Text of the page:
Reviewed by Glenn Erickson
A famous and successful winner of three Academy Awards, Darling wasn't exactly the
Room at the Top of its year, but it hasn't dated badly either. The fortunes of a modern
jetsetter for whom beauty is the ticket to fun and thrills, it dodges obvious morals but leaves
her in an existential limbo of her own making.
Model Diana Scott (Julie Christie) starts a relationship with married
television commentator Robert Gold (Dirk Bogarde) but eventually leaves him for playboy Miles
Brand (Laurence Harvey). After an aborted film career, she ends up rich and pampered with an
Italian nobleman, Cesare (José de Villalonga). But is she happy?
John Schlesinger confirmed his postition as one of England's more promising up-and-coming directors
with this critical look at the too-hip jet set, the beautiful people that seemed to be the engine
that made London the center of 60s cool.
The creative A Kind of Loving and
Billy Liar weren't widely shown, but
Darling got a major
release in the United States thanks to Schlesinger's star Christie. Her flighty good looks
are the center of the story - in an era that celebrates beauty, she climbs steadily up the ladder
of success from lingerie model to actress, and finally to trophy wife for an Italian millionaire.
Christie's Diana Scott has no specific ambition, but refuses to be limited. She's easily bored,
values her freedom, and finds it easy to cheat on her young husband ("he's so immature"). When she
meets the sober but loving Robert Gold, they play a deceitful phone game to make their spouses
think they are both staying out of town for an extra day. She does it because she can, and she
always places her momentary needs first. Later on, Gold realizes she's using the same shabby
trick against him, and there's nothing he can do about it. She runs off to
Paris with the utterly selfish Miles Brand, and when her feeble attempts to fool Robert don't work,
she pretends she doesn't care. The moment he's too occupied with work to devote himself to her, she's
off again getting into trouble.
Her biggest fling, after an Italian commercial shoot, is to take off to an island with a photographer
friend for a completely platonic holiday. I don't know if Darling is the first film to show
a gorgeous model who's capable of being honest with a man only when he's gay and sex isn't involved, but
it works here. She tells him things she wouldn't tell anyone else - like the fact that she doesn't
derive a lot of pleasure from sex.
There's also an abortion scene. Diana's at first excited, and then thinks of the inconvenience to her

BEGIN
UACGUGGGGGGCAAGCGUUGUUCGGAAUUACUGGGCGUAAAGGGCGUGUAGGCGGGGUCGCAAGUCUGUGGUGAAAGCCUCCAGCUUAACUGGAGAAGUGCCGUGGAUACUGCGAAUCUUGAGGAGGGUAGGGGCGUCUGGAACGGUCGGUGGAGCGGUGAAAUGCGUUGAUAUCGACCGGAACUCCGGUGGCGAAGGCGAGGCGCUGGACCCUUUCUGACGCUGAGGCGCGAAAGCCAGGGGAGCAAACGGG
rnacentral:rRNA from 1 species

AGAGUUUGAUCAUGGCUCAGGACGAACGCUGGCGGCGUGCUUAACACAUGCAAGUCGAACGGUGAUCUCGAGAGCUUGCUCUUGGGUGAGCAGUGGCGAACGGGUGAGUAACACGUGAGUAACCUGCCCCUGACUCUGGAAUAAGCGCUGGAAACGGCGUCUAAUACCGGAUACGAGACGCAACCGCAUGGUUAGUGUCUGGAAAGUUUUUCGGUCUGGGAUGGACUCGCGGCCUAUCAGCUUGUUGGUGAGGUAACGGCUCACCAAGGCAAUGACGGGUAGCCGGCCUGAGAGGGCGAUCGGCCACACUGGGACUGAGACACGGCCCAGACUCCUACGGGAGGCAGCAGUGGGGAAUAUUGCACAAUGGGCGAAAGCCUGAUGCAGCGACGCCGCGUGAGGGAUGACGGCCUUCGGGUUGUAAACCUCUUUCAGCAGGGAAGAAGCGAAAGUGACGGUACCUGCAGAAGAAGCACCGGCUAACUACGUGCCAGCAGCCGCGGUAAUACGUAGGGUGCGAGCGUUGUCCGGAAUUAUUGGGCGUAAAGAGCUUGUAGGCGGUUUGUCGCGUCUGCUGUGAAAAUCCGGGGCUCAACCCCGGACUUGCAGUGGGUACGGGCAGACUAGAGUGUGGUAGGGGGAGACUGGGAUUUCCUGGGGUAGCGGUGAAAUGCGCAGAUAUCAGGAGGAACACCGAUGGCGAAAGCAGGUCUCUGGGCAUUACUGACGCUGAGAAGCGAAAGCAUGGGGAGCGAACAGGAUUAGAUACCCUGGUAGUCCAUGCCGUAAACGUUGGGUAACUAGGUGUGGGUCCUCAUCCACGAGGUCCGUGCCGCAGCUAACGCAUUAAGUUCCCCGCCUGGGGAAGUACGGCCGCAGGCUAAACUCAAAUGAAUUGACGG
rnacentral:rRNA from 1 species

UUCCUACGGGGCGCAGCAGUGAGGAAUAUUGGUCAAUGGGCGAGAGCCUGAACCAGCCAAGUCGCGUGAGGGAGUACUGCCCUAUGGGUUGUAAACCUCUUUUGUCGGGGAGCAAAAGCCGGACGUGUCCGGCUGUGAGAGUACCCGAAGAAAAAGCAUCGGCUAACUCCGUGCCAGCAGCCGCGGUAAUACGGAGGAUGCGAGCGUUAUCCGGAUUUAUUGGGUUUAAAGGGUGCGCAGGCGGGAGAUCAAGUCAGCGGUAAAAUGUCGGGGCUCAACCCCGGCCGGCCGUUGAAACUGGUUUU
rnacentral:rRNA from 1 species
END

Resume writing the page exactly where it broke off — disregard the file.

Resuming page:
lifestyle a baby would be, so it has to be gotten rid of. Schlesinger and Frederick Raphael (Two
for the Road, Eyes Wide Shut) don't condemn Diana for taking that route, but besides
the practical realization of how terrible a mother she'd be, they haven't anything positive to
say either. Diana is so busy taking, she never has to learn the lesson of what giving is. By the
time she realizes that she has an attachment to Robert, he's gotten over her cruel rejection and
has no further need of her. So it's back to a gilded cage with the Italian nobleman. He keeps
her at his villa with his children while presumably visiting girlfriends on the side. For Diana,
this doesn't exactly spell true love or happiness.
The movies that play up the glamour of the swingin' London scene aren't well remembered today, while
Darling, The Knack and other films
critical of it are. Darling is a bit long and selfconsciously commercial (there's even a
short nude scene, just to make sure we're watching) but it was original enough for its time.
Christie is eminently watchable. The film has the same odd equation as its theme - Christie
is so pretty that her flaky character remains interesting. Her
acting requires her to be petulant and jubilant, and she manages a good alienated stare once in a
while. Dirk Bogarde goes from happy to neurotic to vindictive, and Laurence Harvey maintains a
smug winner's superiority that's very off-putting. If there is any downside to Darling,
it's that there's ultimately nobody on screen worthy of our sympathy. Both Billy Liar and
Far From the Madding Crowd present Christie in much more likable circumstances.
MGM's DVD of Darling is a good transfer that could have been better with 16:9 enhancement.
The gray scale is well-represented; it looks just fine. John Dankworth's
music is a throwback to earlier jazz - by '65 London was rock, rock, rock - but suits the show
This disc's one extra is an original English trailer that includes a bit of the film's one nude scene.
Interestingly, the photo of Julie Christie on the DVD box barely looks like her.
On a scale of Excellent, Good, Fair, and Poor,
Movie: Very Good
Packaging: Keep case
Reviewed: November 27, 2003
DVD Savant Text © Copyright 2007 Glenn Erickson